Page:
Court name
High Court: Execution and Bailiffs Division (Uganda)
Case number
Miscellaneous Application 1849 of 2013
Judgment date
30 May 2014
Title

Muramira David v Centenary Rural Development Bank (Miscellaneous Application 1849 of 2013) [2014] UGHCEBD 11 (30 May 2014);

Cite this case
[2014] UGHCEBD 11

THE REPUBLIC OF UGANDA

IN THE HIGH COURT OF UGANDA; AT KAMPALA

(EXECUTION DIVISION)

MISC. APPLICATION No. 1849 OF 2013

(Arising from EMA No. 2605 of 2012; arising from H.C.C.S. No. 272 of 2011)

MURAMIRA DAVID ........................................................ APPLICANT/DEFENDANT

VERSUS

CENTENARY RURAL DEVELOPMENT BANK .............. RESPONDENT/PLAINTIFF 

BEFORE: - THE HON. MR. JUSTICE ALFONSE CHIGAMOY OWINY – DOLLO

RULING

The Applicant herein was the Defendant in H.C.C.S No. 272 of 2011, which the Plaintiff (Respondent herein) had instituted by way of a summary suit; and out of which, the Court issued an ex–parte decree against the Defendant. Subsequently, the Defendant was arrested (as judgment debtor) and committed to civil prison, in execution of the decree. He however produced two vehicles (Reg. Nos. UAM 084V and UAH 421M) in the presence of the Registrar of Court to secure his release from prison; following which, he was released. The judgment creditor then caused the sale of these vehicles to satisfy the debt owing to it from the Applicant. This application is for Court to set aside and stay the said execution, and for a declaration that the sale of the vehicles is invalid and illegal; hence, it should be set aside.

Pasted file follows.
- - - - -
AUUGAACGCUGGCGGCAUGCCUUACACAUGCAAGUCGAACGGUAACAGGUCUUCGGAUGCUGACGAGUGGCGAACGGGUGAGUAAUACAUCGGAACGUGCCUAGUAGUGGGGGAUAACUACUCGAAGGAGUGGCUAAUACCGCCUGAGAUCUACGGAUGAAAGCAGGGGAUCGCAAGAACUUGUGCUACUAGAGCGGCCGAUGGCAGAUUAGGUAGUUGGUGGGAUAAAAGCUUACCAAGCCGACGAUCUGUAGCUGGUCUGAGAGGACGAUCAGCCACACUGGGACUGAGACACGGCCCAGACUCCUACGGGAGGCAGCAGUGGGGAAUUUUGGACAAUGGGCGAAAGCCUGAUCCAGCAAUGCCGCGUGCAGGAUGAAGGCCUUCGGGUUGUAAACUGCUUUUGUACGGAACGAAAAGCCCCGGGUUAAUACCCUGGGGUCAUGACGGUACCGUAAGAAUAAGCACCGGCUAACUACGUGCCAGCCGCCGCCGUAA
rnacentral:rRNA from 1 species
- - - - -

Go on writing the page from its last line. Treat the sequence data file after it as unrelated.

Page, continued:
The Applicant's Counsel raised preliminary points of objection. First, was that there is no summary of evidence accompanying the Respondent's affidavit in reply, thus contravening the provisions of 0.6 r.2 of the CPR. Second, was the contention that the decree herein was not issued by this Court; and so, on the basis of 0.22, r.23 of the CPR, this Court has no power to stay its execution. Counsel, thus, urged Court to strike out the application. I have to dispose of these points of objection first. The provision for summary of evidence in our rules of procedure, arises from the need to give due notice to the opposite party, of the evidence such party should expect against him or her; and thus avoid taking such party by surprise at the hearing.

However where a pleading is accompanied by affidavit evidence, as the full evidence, or where the affidavit evidence is itself the pleading, as is the case here, I think the pleading is removed from the ordinary rule of procedure and placed in a special category. This application was canvassed entirely on affidavit evidence. Accordingly, the absence of a summary of evidence would not occasion any injustice. Similarly, neither of the parties hereto would derive any further benefit from a summary of evidence. The second point of contention is an erroneous appreciation of the law. Unlike with Magistrates' Courts, with many limited territorial jurisdictions curved out in Uganda, the High Court by virtue of section 14 of the Judicature Act, has unlimited territorial jurisdiction throughout Uganda